Let’s just stamp on this nonsense on stilts right now, because it is nonsense on stilts:
A shutdown fight would be risky for both sides, but would be particularly perilous for Republicans as they seek to retain control of Congress and win back the White House. The last shutdown fight sent the GOP’s poll numbers to historic lows, though the party’s brand recovered ahead of a historic midterm elections triumph.
Here’s why it’s nonsense on stilts:
- The shutdown fight in 2013 took place because the Republican-run House and the Democratic-run Senate could not agree on a budget, spending priorities, you name it. A government shutdown in 2015 would be because the President vetoed duly-passed appropriations bills. Which is totally his privilege – but Barack Obama would then also be responsible, in a way that he’s never had to be before.
- Building on that… it is very possible that Barack Obama does not understand just how much he’s been able to lean for support on a complaisant, Democratic-controlled Congress. Or that ‘I’m shutting down the government because I want Republicans to spend more’ will not have the same resonance with the American people as ‘the Republicans are shutting down the government because they can’t make a deal with the Senate.’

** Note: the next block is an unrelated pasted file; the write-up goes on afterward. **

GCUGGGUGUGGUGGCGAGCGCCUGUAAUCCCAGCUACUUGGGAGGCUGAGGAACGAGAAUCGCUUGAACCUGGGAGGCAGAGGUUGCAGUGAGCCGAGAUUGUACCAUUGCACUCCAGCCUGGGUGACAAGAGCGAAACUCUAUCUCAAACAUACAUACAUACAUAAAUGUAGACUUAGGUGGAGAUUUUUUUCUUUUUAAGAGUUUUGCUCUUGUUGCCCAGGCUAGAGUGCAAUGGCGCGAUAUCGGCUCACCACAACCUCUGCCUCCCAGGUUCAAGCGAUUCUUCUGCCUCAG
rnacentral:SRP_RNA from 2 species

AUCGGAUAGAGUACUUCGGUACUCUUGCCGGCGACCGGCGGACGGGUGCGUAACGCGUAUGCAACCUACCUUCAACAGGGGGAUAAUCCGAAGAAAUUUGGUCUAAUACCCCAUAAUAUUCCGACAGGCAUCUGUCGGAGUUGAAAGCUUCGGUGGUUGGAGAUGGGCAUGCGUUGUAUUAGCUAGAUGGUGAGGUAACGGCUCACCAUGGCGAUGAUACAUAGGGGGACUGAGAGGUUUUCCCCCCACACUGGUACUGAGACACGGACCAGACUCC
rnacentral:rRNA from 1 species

- Lastly… I will concede that the timing of the 2013 shutdown was awful for Ken Cuccinelli. Truly, truly awful. Otherwise… oh, yes, God forbid that we should have another fight where the GOP fights out a government shutdown for about two, three weeks longer than most political observers (including myself) thought they would. How could we ever recover from that? Why, if we had only not had that 2013 shutdown then in 2014 we might have won eighteen seats in the Senate, twenty-six seats in the House, and four net governorships! Somehow!
Bottom line is this: for the first time since 2009 we have the classic divided government that everybody says that the American people hate… and that the American people keep voting into existence anyway. Under normal circumstances we’d have an executive branch that understood that the tactics that work under a super-majority in Congress – or even a divided Congress – will not work when the opposition party can send bills to his desk. There’s a reason why the Democrats never passed a budget when they could possibly help it, after all.
But these aren’t normal circumstances. President Barack Obama probably either thinks that he can veto a budget and not have it slop over onto his party and the next candidate, or he thinks that he doesn’t have to care. Probably the latter – and while I agree that the Republican Congressional caucuses can drive a thoughtful man mad sometimes, in this particular case the fight will be under conditions that my often-exasperating party is most comfortable with. We can do a Return To Normalcy campaign in our sleep – and, frankly? We’ll need the practice for 2016 anyway.
Moe Lane (crosspost)